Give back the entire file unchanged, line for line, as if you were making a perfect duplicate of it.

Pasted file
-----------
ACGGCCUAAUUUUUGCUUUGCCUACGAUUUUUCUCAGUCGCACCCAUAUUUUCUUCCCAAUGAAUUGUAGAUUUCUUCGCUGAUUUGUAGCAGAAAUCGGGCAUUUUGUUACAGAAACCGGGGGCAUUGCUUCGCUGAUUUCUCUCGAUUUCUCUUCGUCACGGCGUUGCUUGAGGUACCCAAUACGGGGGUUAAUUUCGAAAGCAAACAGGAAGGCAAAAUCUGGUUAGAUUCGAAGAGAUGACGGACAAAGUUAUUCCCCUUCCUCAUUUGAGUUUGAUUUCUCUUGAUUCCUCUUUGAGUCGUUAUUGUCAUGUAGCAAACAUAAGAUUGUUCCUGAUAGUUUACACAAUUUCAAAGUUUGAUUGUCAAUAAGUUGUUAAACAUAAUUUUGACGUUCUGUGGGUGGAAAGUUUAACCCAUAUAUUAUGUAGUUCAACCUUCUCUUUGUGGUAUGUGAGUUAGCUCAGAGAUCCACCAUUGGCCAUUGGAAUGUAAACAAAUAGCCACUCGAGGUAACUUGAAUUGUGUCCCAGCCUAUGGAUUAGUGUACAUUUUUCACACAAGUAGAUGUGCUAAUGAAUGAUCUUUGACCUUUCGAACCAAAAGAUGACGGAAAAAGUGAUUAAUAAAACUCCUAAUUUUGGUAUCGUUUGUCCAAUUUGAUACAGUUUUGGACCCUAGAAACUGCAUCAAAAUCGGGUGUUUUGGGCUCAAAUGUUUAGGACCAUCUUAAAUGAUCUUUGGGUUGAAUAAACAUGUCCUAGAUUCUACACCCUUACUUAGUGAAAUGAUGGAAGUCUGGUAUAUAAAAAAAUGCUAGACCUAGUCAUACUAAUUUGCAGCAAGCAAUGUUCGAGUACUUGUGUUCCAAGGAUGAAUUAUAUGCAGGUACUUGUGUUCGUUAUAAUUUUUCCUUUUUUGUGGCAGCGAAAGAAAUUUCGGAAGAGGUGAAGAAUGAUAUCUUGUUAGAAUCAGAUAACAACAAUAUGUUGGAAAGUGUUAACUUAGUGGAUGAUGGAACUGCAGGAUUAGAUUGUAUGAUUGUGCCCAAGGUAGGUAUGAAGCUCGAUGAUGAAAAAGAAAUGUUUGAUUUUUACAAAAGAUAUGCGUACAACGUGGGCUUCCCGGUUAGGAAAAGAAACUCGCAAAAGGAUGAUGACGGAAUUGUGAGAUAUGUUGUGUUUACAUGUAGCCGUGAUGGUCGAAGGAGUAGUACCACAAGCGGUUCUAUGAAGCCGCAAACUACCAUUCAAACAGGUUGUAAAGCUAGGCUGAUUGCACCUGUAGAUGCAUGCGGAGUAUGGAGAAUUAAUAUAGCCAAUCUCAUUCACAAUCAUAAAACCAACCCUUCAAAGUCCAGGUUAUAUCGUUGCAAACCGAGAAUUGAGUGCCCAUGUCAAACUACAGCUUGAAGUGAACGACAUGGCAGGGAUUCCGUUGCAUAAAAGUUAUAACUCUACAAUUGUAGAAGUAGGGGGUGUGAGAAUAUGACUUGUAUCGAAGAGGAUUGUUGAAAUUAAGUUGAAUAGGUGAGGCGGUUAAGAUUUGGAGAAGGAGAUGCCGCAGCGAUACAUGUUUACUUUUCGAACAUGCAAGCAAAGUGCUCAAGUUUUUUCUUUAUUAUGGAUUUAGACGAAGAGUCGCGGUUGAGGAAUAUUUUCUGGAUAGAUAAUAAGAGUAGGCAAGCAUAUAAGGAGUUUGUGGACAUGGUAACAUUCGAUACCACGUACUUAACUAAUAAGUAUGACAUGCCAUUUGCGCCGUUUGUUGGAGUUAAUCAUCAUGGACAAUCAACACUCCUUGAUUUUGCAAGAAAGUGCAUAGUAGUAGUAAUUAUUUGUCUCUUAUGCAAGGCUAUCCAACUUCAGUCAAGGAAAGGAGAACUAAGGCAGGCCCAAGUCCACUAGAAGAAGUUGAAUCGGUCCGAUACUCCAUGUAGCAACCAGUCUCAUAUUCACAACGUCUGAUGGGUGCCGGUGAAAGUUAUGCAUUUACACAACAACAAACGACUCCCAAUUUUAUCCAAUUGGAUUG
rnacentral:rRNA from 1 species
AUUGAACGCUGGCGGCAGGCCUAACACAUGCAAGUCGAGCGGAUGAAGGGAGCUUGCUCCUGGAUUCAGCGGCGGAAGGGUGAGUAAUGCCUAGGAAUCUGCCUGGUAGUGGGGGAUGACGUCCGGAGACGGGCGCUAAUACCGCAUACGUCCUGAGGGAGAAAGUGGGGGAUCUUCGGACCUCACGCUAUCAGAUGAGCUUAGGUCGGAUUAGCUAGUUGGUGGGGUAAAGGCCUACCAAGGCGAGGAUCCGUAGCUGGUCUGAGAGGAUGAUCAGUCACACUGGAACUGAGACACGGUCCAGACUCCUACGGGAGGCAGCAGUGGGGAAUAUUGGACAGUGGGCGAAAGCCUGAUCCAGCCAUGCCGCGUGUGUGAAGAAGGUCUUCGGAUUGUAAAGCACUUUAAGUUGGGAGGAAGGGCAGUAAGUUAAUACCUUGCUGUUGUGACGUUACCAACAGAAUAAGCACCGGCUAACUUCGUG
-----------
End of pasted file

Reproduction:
ACGGCCUAAUUUUUGCUUUGCCUACGAUUUUUCUCAGUCGCACCCAUAUUUUCUUCCCAAUGAAUUGUAGAUUUCUUCGCUGAUUUGUAGCAGAAAUCGGGCAUUUUGUUACAGAAACCGGGGGCAUUGCUUCGCUGAUUUCUCUCGAUUUCUCUUCGUCACGGCGUUGCUUGAGGUACCCAAUACGGGGGUUAAUUUCGAAAGCAAACAGGAAGGCAAAAUCUGGUUAGAUUCGAAGAGAUGACGGACAAAGUUAUUCCCCUUCCUCAUUUGAGUUUGAUUUCUCUUGAUUCCUCUUUGAGUCGUUAUUGUCAUGUAGCAAACAUAAGAUUGUUCCUGAUAGUUUACACAAUUUCAAAGUUUGAUUGUCAAUAAGUUGUUAAACAUAAUUUUGACGUUCUGUGGGUGGAAAGUUUAACCCAUAUAUUAUGUAGUUCAACCUUCUCUUUGUGGUAUGUGAGUUAGCUCAGAGAUCCACCAUUGGCCAUUGGAAUGUAAACAAAUAGCCACUCGAGGUAACUUGAAUUGUGUCCCAGCCUAUGGAUUAGUGUACAUUUUUCACACAAGUAGAUGUGCUAAUGAAUGAUCUUUGACCUUUCGAACCAAAAGAUGACGGAAAAAGUGAUUAAUAAAACUCCUAAUUUUGGUAUCGUUUGUCCAAUUUGAUACAGUUUUGGACCCUAGAAACUGCAUCAAAAUCGGGUGUUUUGGGCUCAAAUGUUUAGGACCAUCUUAAAUGAUCUUUGGGUUGAAUAAACAUGUCCUAGAUUCUACACCCUUACUUAGUGAAAUGAUGGAAGUCUGGUAUAUAAAAAAAUGCUAGACCUAGUCAUACUAAUUUGCAGCAAGCAAUGUUCGAGUACUUGUGUUCCAAGGAUGAAUUAUAUGCAGGUACUUGUGUUCGUUAUAAUUUUUCCUUUUUUGUGGCAGCGAAAGAAAUUUCGGAAGAGGUGAAGAAUGAUAUCUUGUUAGAAUCAGAUAACAACAAUAUGUUGGAAAGUGUUAACUUAGUGGAUGAUGGAACUGCAGGAUUAGAUUGUAUGAUUGUGCCCAAGGUAGGUAUGAAGCUCGAUGAUGAAAAAGAAAUGUUUGAUUUUUACAAAAGAUAUGCGUACAACGUGGGCUUCCCGGUUAGGAAAAGAAACUCGCAAAAGGAUGAUGACGGAAUUGUGAGAUAUGUUGUGUUUACAUGUAGCCGUGAUGGUCGAAGGAGUAGUACCACAAGCGGUUCUAUGAAGCCGCAAACUACCAUUCAAACAGGUUGUAAAGCUAGGCUGAUUGCACCUGUAGAUGCAUGCGGAGUAUGGAGAAUUAAUAUAGCCAAUCUCAUUCACAAUCAUAAAACCAACCCUUCAAAGUCCAGGUUAUAUCGUUGCAAACCGAGAAUUGAGUGCCCAUGUCAAACUACAGCUUGAAGUGAACGACAUGGCAGGGAUUCCGUUGCAUAAAAGUUAUAACUCUACAAUUGUAGAAGUAGGGGGUGUGAGAAUAUGACUUGUAUCGAAGAGGAUUGUUGAAAUUAAGUUGAAUAGGUGAGGCGGUUAAGAUUUGGAGAAGGAGAUGCCGCAGCGAUACAUGUUUACUUUUCGAACAUGCAAGCAAAGUGCUCAAGUUUUUUCUUUAUUAUGGAUUUAGACGAAGAGUCGCGGUUGAGGAAUAUUUUCUGGAUAGAUAAUAAGAGUAGGCAAGCAUAUAAGGAGUUUGUGGACAUGGUAACAUUCGAUACCACGUACUUAACUAAUAAGUAUGACAUGCCAUUUGCGCCGUUUGUUGGAGUUAAUCAUCAUGGACAAUCAACACUCCUUGAUUUUGCAAGAAAGUGCAUAGUAGUAGUAAUUAUUUGUCUCUUAUGCAAGGCUAUCCAACUUCAGUCAAGGAAAGGAGAACUAAGGCAGGCCCAAGUCCACUAGAAGAAGUUGAAUCGGUCCGAUACUCCAUGUAGCAACCAGUCUCAUAUUCACAACGUCUGAUGGGUGCCGGUGAAAGUUAUGCAUUUACACAACAACAAACGACUCCCAAUUUUAUCCAAUUGGAUUG
rnacentral:rRNA from 1 species
AUUGAACGCUGGCGGCAGGCCUAACACAUGCAAGUCGAGCGGAUGAAGGGAGCUUGCUCCUGGAUUCAGCGGCGGAAGGGUGAGUAAUGCCUAGGAAUCUGCCUGGUAGUGGGGGAUGACGUCCGGAGACGGGCGCUAAUACCGCAUACGUCCUGAGGGAGAAAGUGGGGGAUCUUCGGACCUCACGCUAUCAGAUGAGCUUAGGUCGGAUUAGCUAGUUGGUGGGGUAAAGGCCUACCAAGGCGAGGAUCCGUAGCUGGUCUGAGAGGAUGAUCAGUCACACUGGAACUGAGACACGGUCCAGACUCCUACGGGAGGCAGCAGUGGGGAAUAUUGGACAGUGGGCGAAAGCCUGAUCCAGCCAUGCCGCGUGUGUGAAGAAGGUCUUCGGAUUGUAAAGCACUUUAAGUUGGGAGGAAGGGCAGUAAGUUAAUACCUUGCUGUUGUGACGUUACCAACAGAAUAAGCACCGGCUAACUUCGUG